This article first appeared in Mint Lounge.
The Kolkata Frieze
There are two “B”s in the Bengali alphabet. They look and sound exactly the same. The alphabet also has one obsolete vowel and a curious accent called the “biswarga”. The biswarga, pronounced “bishorgo”, can be replaced by the exclamation mark, making it one of those elements of the Bengali alphabet that isn’t essential. Kolkata-based artist Jayanta Roy punned on biswarga when he titled his 2009 exhibition B-Swarga.
“We say many big things about how art can change the world, but it’s as useless as thebiswarga because there are so few people who are actually interested in and affected by art,” says Roy. “If you look in Kolkata, they are only interested in nostalgia and pretty pictures, not contemporary art.” While his art has received acclaim, not many share Roy’s dismissive attitude towards the city’s art lovers. After all, Kolkata’s enthusiastic viewing crowd remains one aspect of the city’s art scene that hasn’t suffered a decline.
Despite the fact that it has thrown up barely a handful of reputed contemporary artists in the past 20 years, Kolkata retains the reputation of being the most cultured of India’s metropolises. “There’s such a strong cultural ethos in this city,” says Rakhi Sarkar, director and curator of The Centre of International Modern Art (Cima), Kolkata. Sarkar is also a managing trustee of the Kolkata Museum of Modern Art, which is expected to open in 2013. “People ask me why Kolkata should be the place for a museum of modern art and I tell them, it’s the only city in India that can sustain a cultural institution of this magnitude,” she says. Sarkar does admit, however, that the city’s art scene has suffered over the past decades. “There were a combination of factors, like the reticence of artists and the fact that Bengal went through an economic low since the 1960s,” says Sarkar. “It wasn’t that there weren’t good artists but they weren’t nurtured properly and there was little scope for them.”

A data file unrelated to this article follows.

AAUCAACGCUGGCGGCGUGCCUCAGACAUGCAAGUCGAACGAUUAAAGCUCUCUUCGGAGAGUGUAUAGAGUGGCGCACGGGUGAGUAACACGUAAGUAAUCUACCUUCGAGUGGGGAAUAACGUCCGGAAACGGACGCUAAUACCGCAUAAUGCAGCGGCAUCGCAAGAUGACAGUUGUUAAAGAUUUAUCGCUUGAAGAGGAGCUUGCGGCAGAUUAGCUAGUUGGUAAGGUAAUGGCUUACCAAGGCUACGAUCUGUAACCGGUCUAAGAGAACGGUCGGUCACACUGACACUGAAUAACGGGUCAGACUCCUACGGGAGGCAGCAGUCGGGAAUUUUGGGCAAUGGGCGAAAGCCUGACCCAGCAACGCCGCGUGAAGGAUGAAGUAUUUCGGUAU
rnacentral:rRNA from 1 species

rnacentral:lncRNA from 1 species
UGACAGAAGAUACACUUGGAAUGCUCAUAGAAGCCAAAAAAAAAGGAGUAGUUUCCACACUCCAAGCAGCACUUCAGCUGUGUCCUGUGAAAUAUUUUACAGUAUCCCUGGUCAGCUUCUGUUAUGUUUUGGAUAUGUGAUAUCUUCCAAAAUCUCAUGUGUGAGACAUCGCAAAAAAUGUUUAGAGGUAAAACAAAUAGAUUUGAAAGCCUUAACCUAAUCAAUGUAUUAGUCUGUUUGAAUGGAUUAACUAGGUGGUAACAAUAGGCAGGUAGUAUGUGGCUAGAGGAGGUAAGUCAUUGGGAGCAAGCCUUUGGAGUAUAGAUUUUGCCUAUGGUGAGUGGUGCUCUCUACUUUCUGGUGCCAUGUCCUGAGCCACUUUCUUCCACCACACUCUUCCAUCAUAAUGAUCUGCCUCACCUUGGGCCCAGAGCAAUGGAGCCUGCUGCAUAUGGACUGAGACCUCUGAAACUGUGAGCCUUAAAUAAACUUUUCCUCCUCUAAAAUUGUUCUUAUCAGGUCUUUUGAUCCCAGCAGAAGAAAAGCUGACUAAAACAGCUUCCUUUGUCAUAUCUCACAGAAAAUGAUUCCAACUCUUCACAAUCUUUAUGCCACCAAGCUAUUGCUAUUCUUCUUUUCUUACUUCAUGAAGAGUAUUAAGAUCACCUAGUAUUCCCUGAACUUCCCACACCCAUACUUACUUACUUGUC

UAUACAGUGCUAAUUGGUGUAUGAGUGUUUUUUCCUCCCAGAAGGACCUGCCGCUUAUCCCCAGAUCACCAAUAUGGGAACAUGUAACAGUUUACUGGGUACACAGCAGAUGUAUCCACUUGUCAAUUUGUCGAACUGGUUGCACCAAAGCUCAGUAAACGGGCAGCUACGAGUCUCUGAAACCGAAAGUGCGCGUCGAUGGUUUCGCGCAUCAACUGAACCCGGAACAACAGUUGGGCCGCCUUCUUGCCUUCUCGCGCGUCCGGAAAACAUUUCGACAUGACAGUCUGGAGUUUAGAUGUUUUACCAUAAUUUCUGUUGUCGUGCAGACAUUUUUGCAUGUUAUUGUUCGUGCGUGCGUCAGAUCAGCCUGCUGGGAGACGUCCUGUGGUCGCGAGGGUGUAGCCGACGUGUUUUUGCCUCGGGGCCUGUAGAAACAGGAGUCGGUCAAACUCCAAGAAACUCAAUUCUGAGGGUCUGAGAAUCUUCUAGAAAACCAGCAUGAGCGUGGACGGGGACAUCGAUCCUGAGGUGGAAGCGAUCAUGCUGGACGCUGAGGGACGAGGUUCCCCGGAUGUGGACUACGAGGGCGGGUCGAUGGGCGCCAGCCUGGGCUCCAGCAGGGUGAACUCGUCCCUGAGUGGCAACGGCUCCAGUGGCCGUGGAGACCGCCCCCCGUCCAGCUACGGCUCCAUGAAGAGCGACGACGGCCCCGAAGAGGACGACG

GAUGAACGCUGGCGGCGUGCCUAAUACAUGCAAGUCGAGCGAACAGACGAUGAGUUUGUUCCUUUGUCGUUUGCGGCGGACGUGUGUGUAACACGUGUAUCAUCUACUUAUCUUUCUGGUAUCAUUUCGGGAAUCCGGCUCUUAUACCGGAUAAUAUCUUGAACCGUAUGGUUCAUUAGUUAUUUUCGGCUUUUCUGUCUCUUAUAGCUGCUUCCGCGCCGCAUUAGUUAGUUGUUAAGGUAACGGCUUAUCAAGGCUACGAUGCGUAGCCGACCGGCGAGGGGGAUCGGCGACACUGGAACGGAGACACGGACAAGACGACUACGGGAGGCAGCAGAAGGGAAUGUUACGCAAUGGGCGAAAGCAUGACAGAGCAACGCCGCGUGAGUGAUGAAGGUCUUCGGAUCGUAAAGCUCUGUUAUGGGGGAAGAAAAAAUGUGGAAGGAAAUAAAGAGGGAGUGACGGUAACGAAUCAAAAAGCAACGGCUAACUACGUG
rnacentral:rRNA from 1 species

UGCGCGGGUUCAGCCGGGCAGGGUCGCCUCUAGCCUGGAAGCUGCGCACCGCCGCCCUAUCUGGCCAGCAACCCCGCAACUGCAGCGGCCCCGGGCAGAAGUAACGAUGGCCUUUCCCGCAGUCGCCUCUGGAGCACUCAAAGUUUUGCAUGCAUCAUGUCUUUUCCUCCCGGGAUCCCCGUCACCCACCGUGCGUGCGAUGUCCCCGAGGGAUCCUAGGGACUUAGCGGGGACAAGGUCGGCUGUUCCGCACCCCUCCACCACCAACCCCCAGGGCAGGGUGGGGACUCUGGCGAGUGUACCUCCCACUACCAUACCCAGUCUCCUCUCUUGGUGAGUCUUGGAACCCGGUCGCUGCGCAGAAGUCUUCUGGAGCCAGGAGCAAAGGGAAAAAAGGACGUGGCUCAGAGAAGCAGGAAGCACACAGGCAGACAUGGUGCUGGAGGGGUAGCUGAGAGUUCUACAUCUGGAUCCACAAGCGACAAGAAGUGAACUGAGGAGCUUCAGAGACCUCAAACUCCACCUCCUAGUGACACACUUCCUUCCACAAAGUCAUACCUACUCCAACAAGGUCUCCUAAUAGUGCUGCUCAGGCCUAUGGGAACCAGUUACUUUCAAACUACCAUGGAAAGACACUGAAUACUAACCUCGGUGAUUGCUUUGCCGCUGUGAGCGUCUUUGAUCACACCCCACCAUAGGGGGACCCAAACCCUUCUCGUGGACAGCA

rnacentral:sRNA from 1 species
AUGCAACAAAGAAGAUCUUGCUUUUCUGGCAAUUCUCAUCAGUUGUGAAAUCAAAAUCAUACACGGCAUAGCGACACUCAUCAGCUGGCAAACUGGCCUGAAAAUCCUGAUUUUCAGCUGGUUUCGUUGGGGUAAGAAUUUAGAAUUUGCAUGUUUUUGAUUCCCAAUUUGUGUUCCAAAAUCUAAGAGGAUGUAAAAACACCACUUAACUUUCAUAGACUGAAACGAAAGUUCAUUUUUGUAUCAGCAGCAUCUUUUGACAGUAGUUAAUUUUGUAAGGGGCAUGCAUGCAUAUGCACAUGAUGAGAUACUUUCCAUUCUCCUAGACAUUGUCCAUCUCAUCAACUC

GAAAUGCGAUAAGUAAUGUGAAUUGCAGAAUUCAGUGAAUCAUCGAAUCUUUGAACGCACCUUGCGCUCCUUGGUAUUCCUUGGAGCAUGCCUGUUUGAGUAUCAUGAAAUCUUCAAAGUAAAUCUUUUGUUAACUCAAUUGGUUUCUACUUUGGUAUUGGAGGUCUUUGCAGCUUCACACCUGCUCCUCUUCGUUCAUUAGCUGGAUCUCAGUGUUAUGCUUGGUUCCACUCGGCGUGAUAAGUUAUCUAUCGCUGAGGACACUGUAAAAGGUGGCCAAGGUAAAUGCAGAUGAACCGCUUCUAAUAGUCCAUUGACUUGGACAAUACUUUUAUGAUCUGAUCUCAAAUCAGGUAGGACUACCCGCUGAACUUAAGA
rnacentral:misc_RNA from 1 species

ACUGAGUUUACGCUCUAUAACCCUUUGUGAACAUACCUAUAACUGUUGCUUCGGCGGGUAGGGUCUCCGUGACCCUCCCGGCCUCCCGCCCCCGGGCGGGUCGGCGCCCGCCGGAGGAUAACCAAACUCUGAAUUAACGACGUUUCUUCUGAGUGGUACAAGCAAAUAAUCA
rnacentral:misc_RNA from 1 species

Bengal art entered the spotlight in the early 20th century thanks to artists such as Abanindranath Tagore and Nandalal Bose of the Bengal School. By the 1920s, however, modernism was the new favourite. From the Calcutta Group of the 1940s to the pop modernism of Jamini Roy’s paintings and the communism-inspired idealism of Somnath Hore, Bengal Modernism spanned more than three decades and was a dynamic movement. The last of the golden years were in the 1960s. Artists such as Bikash Bhattacharya, Ganesh Pyne, Meera Mukherjee and K.G. Subramanyan had a lasting impact upon the next generation.
“The history of modernism in Bengal art is very strong,” says artist Paula Sengupta, who also teaches at Rabindra Bharati University and heads the Kolkata chapter of Khoj, the New-Delhi based collective that supports experimental art projects. “In fact, I’d say it was too strong. That was such a dominant period that a whole generation of artists, from the 1970s onwards and particularly in the 1980s and 1990s, spent their time following in those footsteps. That’s the beginning of the bleak chapter in Bengal art.” While the 1970s and 1980s saw artists elsewhere, such as Vivan Sundaram and Nalini Malani, experimenting with multidisciplinary practices, Bengal art, more so from the 1980s, curled into modernism and resolutely persevered with it, uncaring of becoming outdated.
With Indian art finding favour in the international market in the noughties, artists who had developed their styles in the couple of decades past rose to stratospheric heights. Established centres of art such as Mumbai and Vadodara attracted talent from all over the country and provided platforms for people with innovative practices such as Atul Dodiya, N.S. Harsha and Pushpamala N. Some emerged from places not known for modern art. Subodh Gupta, for example, studied at Patna University. When he decided to make a move, he chose Delhi over Kolkata. In 1997, he became one of the founding members of Khoj and developed his now-famous style of sculpture.
Bengal, by contrast, suffered a creative drought in the last two decades. “There was a waning where Bengal art was caught in its own vibe,” says art historian Tapati Guha Thakurta. “The art world in Calcutta became more impoverished, both financially and in terms of creativity. Bengal artists tended to fit into one of two moulds: that of Bikash Bhattacharya or Ganesh Pyne.”